Kuwait’s Emir Sheikh Sabah Al-Ahmad Al-Jaber Al-Sabah has told the new members of the country’s National Assembly that cuts in public spending are inevitable to reduce a growing budget deficit.
The country’s ruler was speaking at the inaugural session of the new parliament yesterday after the previous parliament was dissolved due to disputes between MPs and the government over fuel price increases.
“It is inevitable to initiate effective measures to remedy the deficit and alleviate its effects,” the Emir was quoted as saying by state news agency KUNA.
However, the majority of assembly members won their seats on November 25 by vowing to reject government austerity measures that impact Kuwaiti citizens.
In comments carried by KUNA the Emir Al-Sabah stressed the need to ease the burden on people with limited income despite a comprehensive reform plan.
“All have to realise that this is no time for political luxury, or making gains at the expense of Kuwait’s higher interests,” he said.
The Emir also called for a new phase of ties between Gulf Cooperation Council states and the improvement of public service including healthcare, housing and infrastructure and the modernising of school curricula.
Yesterday, recently reappointed Prime Minister HH Sheikh Jaber Mubarak Al-Hamad Al-Sabah also briefed MPs on the country’s second economic development plan for 2016 to 2020.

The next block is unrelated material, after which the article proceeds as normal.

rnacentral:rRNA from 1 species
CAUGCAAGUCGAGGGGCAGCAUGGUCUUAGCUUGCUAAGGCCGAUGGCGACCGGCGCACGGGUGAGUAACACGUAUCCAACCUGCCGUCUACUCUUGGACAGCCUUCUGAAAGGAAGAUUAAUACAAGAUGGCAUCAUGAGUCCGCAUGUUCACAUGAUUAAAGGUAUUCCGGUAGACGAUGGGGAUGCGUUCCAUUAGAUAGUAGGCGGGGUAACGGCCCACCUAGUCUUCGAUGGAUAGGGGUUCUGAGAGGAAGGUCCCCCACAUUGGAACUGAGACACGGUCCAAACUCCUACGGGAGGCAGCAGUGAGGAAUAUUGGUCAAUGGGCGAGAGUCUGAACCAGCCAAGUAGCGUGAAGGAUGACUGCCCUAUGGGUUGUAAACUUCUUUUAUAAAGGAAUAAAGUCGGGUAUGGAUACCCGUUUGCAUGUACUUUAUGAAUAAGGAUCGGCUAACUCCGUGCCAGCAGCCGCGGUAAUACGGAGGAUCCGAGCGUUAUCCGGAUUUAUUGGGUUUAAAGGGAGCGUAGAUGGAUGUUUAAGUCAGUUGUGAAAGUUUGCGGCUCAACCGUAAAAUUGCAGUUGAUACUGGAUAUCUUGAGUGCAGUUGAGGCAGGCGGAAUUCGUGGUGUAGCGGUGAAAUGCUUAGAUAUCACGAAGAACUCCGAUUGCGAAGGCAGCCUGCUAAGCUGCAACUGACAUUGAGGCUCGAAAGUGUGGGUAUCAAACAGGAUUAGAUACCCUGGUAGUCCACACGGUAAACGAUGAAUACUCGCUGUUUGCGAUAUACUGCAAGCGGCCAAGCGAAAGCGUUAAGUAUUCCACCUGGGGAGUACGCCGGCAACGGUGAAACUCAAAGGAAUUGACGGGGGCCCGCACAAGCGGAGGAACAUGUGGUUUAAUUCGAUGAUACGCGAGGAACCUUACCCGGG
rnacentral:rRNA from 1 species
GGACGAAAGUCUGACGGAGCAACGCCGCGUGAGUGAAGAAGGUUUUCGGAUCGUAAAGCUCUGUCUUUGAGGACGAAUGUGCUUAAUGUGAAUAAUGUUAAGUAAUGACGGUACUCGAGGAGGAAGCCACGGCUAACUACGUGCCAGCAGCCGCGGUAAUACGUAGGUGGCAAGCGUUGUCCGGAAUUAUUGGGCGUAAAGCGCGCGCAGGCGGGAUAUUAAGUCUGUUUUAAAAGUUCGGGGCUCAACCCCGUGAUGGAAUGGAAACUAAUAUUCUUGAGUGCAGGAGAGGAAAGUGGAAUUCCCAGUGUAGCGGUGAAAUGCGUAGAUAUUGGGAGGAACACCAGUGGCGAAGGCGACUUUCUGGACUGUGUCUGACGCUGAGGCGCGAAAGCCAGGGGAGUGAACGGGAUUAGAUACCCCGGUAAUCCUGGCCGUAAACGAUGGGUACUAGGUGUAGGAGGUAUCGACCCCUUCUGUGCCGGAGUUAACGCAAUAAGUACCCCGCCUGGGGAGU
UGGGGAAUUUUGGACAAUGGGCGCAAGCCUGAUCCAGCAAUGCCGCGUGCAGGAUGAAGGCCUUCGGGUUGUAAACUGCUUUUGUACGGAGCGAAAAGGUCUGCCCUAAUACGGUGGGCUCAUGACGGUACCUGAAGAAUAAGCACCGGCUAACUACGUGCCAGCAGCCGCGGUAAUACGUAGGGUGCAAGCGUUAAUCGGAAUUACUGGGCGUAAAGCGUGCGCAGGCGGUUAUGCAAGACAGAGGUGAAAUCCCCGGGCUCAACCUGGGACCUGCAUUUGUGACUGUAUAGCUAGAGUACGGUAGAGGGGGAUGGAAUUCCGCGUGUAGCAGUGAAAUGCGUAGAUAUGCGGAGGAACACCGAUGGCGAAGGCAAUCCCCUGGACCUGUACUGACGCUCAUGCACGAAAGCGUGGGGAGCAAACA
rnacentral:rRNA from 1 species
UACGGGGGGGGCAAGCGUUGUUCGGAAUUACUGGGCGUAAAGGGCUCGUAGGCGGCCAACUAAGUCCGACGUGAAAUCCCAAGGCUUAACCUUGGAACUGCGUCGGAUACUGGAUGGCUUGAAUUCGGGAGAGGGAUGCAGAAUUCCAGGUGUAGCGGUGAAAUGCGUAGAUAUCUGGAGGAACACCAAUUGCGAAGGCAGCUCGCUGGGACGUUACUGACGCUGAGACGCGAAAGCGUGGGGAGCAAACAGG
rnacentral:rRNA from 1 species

The plan includes measures to boost economic growth, promote the private sector and attract more foreign investment.
He indicated that government institutions would implement some projects while others would come through public private partnerships.
“These include the Khairan power station, the waste treatment plants, the labour city in south Jahra, the south Mutlaa’ city, the expansions of Kuwait International Airport, the new university, and a number of hospitals.
“The planned projects in the oil industry include Al-Zour Refinery and the subsidiary plants, and the environment-friendly fuel project,” the Prime Minister was quoted as saying.
He also said there would be economic legislation and a “radical approach” as the country seeks to compete with advanced economies, restructure its budget diversify its product base and engage in financial and economic reforms.
The government will take some encouragement for implementing its austerity plans from the surprise re-election of former pro-government speaker Marzouq Al-Ghanem, who secured 48 votes to a combined 17 from his rivals.
Essa Al-Kandari was also elected deputy speaker, defeating opposition MP Jamaan Al-Harbash, by a single vote, according to Kuwait Times.